Last updated 9.14.2016

If you’re looking for a way to liven up a summer barbecue, try throwing this question into the mix: should sales tax apply to diapers and sanitary napkins?  A lively debate will (almost) certainly ensue, as has happened in state legislatures from coast to coast.

Essential vs. neutral

Members of the “no” camp generally argue that it is wrong to tax items essential to the health and well-being of certain segments of the population. Families with young children and menstruating females must purchase diapers and feminine hygiene products, period; and for struggling households, the added cost of sales tax is a hardship (30% of low-income families reportedly have trouble paying for diapers).

On the flip side is the argument that taxes should be “neutral,” relying on a broad base and a low rate to tax all products — even essential ones — equally but without burden. This is a theory that even a menstruating mom can espouse. In regard to an Illinois measure to provide a reduced sales tax rate for diapers, one mom of three diaper-wearing tots praised the Tax Foundation’s Principles of Sound Tax Policy, which reads, in relevant part:

“The primary purpose of taxes is to raise needed revenue, not to micromanage the economy. The tax system should not favor certain industries, activities, or products.”

As is typically the case when it comes to taxes, there’s no easy answer. Or at least there’s little consensus. To date this year, exemptions for these items have been discussed, approved, and abandoned.

Approved

  • Connecticut exempts feminine hygiene products and diapers beginning July 1, 2018.
  • Illinois Senate Bill 2746, which exempts menstrual pads, tampons and menstrual cups from sales and use tax, takes effect on January 1, 2017. (This spring, the Council of the City of Chicago unanimously voted to exempt these products from Chicago’s Home Rule Municipal Retailer’s Occupation Tax.)

Diapers are currently taxable in Illinois but exempt from New York state sales tax under the state clothing exemption (local tax applies in some jurisdictions).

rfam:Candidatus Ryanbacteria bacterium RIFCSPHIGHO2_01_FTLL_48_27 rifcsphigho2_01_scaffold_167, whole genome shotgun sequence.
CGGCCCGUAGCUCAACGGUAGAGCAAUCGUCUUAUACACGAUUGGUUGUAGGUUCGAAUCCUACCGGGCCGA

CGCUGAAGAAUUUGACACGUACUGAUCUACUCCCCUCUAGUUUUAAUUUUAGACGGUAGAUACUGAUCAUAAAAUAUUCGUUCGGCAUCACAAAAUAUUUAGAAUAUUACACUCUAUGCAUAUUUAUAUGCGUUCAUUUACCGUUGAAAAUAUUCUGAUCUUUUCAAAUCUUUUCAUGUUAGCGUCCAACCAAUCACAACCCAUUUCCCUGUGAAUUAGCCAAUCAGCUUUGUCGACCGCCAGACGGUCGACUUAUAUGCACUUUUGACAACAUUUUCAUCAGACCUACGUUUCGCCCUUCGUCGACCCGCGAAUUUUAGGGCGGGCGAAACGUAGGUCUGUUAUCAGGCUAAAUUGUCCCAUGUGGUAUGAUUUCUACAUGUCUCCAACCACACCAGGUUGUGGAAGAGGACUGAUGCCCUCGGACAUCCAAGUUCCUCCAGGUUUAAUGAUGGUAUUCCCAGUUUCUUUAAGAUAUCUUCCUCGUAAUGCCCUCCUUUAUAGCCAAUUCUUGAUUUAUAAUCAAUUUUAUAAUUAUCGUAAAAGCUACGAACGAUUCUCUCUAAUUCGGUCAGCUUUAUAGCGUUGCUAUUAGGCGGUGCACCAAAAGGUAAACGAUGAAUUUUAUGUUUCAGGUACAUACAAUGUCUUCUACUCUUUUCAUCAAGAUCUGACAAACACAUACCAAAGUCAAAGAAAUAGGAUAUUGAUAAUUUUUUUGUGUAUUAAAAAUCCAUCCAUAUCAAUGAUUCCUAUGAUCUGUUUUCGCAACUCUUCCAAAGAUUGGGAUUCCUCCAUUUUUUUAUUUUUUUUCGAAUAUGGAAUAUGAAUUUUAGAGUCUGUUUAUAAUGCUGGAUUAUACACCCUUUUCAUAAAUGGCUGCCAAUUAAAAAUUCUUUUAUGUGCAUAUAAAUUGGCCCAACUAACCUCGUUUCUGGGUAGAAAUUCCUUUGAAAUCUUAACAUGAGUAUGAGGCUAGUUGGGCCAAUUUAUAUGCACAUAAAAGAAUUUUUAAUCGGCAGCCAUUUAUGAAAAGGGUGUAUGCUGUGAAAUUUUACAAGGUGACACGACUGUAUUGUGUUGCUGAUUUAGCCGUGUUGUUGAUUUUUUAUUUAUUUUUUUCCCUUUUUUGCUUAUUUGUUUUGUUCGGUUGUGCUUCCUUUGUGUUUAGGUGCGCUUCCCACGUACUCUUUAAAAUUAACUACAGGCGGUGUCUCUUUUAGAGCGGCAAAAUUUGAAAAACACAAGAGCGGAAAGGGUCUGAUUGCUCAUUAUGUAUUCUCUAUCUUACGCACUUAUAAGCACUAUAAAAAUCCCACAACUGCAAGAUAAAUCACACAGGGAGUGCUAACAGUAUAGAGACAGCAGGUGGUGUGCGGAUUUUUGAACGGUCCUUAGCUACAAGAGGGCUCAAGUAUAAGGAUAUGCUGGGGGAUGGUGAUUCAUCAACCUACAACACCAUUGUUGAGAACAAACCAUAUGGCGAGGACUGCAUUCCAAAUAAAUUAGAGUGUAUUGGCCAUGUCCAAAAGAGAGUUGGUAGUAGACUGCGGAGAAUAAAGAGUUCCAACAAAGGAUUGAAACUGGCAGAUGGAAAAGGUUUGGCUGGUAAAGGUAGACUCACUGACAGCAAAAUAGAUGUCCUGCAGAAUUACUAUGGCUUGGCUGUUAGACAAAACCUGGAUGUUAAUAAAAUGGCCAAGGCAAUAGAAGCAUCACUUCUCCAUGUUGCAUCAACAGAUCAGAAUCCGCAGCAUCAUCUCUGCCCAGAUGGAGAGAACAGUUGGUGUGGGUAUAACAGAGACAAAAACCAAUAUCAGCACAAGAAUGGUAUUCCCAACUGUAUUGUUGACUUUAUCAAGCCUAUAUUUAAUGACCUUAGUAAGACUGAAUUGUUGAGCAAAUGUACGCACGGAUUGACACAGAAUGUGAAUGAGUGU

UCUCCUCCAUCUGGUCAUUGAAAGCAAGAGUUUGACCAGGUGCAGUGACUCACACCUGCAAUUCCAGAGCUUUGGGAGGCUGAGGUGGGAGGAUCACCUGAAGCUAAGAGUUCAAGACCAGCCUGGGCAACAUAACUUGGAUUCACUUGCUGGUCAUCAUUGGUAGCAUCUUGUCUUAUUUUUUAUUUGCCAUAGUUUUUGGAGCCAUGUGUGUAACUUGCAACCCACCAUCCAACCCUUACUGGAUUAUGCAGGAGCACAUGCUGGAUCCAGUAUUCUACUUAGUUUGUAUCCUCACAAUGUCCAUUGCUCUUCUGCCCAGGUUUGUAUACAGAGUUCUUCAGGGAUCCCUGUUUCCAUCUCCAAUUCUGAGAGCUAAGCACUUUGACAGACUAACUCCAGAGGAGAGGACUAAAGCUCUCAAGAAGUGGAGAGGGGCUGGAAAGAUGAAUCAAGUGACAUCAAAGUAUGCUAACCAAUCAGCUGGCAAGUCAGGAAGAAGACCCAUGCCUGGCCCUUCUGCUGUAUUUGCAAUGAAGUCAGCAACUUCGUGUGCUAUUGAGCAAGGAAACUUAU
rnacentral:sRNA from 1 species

Under consideration

Measures are still alive California, Ohio, Rhode Island, Tennessee, and the District of Columbia.

  • California’s proposed exemptions for diapers (AB 717) and feminine hygiene products (AB 1561) would be temporary, remaining in effect until January 1, 2022. The author’s statement in support of exempting menstrual products reads in part: “Tampons and sanitary napkins… are essential health items for women. As a state we should not be taxing women for being born women.” The statement in support for exemption diapers is similar: “It is time for California’s tax code to reflect the fact that diapers are an absolute health necessity for young children.” Statements opposing the exemptions are primarily based on fiscal concerns (the state needs revenue).
    • Governor Brown vetoed both bills on September 13. Learn more.
  • DC-B696 would exempt feminine hygiene and diapers from the District’s sales and use tax. Bill sponsor Anita Bonds says, “Women should not be taxed because they’re women, nor should babies be taxed for being babies.” Adding fuel (or at least outrage) to her argument is the fact that the District exempts Viagra as an essential item (The Washington Post). The District currently exempts diaper services.
  • Bills in Ohio and Tennessee would exempt both feminine hygiene products and baby diapers from sales and use tax, and a Rhode Island measure that has been held for further study would exempt feminine hygiene products.

Abandoned

This session, the following states considered but rejected legislation exempting feminine hygiene products, diapers, or both: MichiganMississippiUtahVirginia, and Wisconsin.

Existing exemptions

A handful of states (in addition to the five states that have no general sales tax) already exempt children’s diapers, menstrual products, or both.

  • Maryland: adult diapers only
    • Tampons and sanitary napkins
  • Massachusetts: diapers (cloth and disposable, child and adult)
    • Feminine hygiene products
  • Minnesota: diapers (cloth and disposable, child and adult)
    • Tampons, sanitary napkins and panty liners
  • New Jersey: diapers (cloth and disposable, child and adult)
  • New York: diapers (cloth and disposable, child and adult) are exempt from state sales tax but local tax applies in some jurisdictions.
  • Pennsylvania: diapers (cloth and disposable, child and adult)
    • Sanitary napkins, tampons and similar items
  • Rhode Island: diapers (cloth and disposable diapers, child and adult)
  • Vermont: diapers (cloth and disposable, child and adult)

In addition, diapers are exempt from sales and use tax during sales tax holidays in Alabama, Arkansas, Connecticut, Florida, Georgia, Iowa, Louisiana, Missouri, New Mexico, North Carolina (sales tax holidays have been repealed), Oklahoma, South Carolina (baby diapers only), Tennessee, Texas, Virginia, and West Virginia.

Into the rabbit hole we go

Looking into taxable and nontaxable items is a bit like falling into Alice’s rabbit hole. Many states allow a sales and use tax exemption or reduced rate for certain essential items, but there is little consistency in the items considered essential.

In Connecticut, for example, disposable and reusable diapers for children are subject to tax but adult diapers are exempt. Maryland exempts adult diapers, baby oil and baby powder but not baby diapers. In Wisconsin, disposable and cloth diapers are taxable but diaper cleaning services are exempt. “Curiouser and curiouser!”

Curiosity aside, the varying taxability of these items is a hassle for businesses that sell them in multiple states. Sales tax software (SaaS) makes compliance simpler. Learn more.